British researchers have identified a series of genes that predict Alzheimer’s disease years before symptoms appear.
The unique “gene signature” for the leading cause of dementia, discovered by brain scientists from King's College London, could point the way to a blood test that might one day be used to identify individuals at risk early.
Doing so could speed drug treatment which can delay the progression of Alzheimer’s – medications that are most effective when taken early in the development of the disease.
The findings, published in the journal Genome Biology, are based on analysis of 150 genes associated with “healthy aging” in a group of 65-year-olds that reduce their risk of developing age-related diseases, such as dementia.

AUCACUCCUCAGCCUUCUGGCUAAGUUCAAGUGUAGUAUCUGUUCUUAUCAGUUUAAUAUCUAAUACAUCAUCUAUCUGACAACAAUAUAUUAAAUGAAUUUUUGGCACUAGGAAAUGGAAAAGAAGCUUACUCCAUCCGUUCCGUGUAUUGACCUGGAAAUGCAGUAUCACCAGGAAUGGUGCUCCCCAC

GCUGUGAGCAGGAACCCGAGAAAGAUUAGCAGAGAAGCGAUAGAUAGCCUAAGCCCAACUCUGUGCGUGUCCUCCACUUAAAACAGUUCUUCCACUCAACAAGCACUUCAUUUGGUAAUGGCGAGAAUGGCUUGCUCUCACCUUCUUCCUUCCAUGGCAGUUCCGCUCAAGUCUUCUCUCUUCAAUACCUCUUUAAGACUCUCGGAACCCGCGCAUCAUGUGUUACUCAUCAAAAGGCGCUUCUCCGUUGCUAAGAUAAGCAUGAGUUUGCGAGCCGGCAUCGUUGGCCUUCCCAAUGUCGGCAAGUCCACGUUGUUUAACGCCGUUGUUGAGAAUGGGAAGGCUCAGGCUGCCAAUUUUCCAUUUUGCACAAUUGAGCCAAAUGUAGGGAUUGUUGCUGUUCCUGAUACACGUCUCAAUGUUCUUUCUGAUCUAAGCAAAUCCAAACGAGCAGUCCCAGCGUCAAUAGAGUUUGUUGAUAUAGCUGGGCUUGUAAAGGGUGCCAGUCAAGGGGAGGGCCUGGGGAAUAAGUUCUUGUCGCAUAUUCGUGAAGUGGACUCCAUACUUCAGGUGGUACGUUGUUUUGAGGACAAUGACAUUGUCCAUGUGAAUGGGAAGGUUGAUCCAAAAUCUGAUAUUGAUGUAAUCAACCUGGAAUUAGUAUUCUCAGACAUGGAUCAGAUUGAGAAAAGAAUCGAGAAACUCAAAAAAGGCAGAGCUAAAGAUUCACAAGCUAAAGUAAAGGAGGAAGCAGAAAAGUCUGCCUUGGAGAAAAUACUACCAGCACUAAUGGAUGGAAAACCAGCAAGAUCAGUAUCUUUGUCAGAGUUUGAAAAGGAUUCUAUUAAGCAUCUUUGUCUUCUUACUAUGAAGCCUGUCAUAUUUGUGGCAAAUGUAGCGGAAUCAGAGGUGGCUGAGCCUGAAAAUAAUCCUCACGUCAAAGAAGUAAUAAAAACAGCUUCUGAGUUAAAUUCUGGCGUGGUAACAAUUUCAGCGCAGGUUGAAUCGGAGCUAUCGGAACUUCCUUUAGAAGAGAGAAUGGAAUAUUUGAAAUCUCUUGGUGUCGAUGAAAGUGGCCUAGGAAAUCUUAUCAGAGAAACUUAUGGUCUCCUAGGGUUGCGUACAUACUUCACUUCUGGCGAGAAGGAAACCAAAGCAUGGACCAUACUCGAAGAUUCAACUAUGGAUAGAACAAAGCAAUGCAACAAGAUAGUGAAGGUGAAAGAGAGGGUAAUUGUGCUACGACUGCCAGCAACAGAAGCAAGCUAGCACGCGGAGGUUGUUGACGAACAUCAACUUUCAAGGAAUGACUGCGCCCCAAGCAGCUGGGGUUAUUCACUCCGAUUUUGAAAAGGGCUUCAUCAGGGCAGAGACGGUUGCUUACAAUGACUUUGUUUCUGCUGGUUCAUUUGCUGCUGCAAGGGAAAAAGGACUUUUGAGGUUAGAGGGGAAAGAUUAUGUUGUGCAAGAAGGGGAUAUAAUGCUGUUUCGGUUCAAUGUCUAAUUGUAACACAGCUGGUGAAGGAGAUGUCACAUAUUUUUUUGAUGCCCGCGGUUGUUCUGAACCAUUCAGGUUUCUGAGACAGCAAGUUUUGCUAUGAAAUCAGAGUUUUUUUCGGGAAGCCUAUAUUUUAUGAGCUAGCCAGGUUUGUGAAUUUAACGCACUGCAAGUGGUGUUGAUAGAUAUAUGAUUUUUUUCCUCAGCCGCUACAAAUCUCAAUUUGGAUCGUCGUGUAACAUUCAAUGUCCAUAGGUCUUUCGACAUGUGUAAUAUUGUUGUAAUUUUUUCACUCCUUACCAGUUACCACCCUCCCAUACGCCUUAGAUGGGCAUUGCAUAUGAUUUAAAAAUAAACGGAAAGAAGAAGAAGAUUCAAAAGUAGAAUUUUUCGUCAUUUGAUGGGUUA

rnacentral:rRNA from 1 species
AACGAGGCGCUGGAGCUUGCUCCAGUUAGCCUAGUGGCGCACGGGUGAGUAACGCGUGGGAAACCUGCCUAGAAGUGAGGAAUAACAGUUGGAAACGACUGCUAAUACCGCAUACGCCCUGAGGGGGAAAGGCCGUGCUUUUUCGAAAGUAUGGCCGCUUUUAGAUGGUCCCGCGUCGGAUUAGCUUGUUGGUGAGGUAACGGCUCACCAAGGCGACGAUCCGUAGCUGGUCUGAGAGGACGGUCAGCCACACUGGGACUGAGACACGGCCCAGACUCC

In comparing the genetic profiles of the study participants, the researchers found those later diagnosed with Alzheimer's had an altered “healthy aging” gene signature in their blood -- suggesting significant association with the disease.
"Our discovery provides the first robust molecular 'signature' of biological age in humans and should be able to transform the way that 'age' is used to make medical decisions. This includes identifying those more likely to be at risk of Alzheimer's, as catching those at 'early' risk is key to evaluating potential treatments, " said lead researcher James Timmons.
"This is the first blood test of its kind that has shown that the same set of molecules are regulated in both the blood and the brain regions associated with dementia, and it can help contribute to a dementia diagnosis. This also provides strong evidence that dementia in humans could be called a type of 'accelerated aging' or 'failure to activate the healthy aging program.' "
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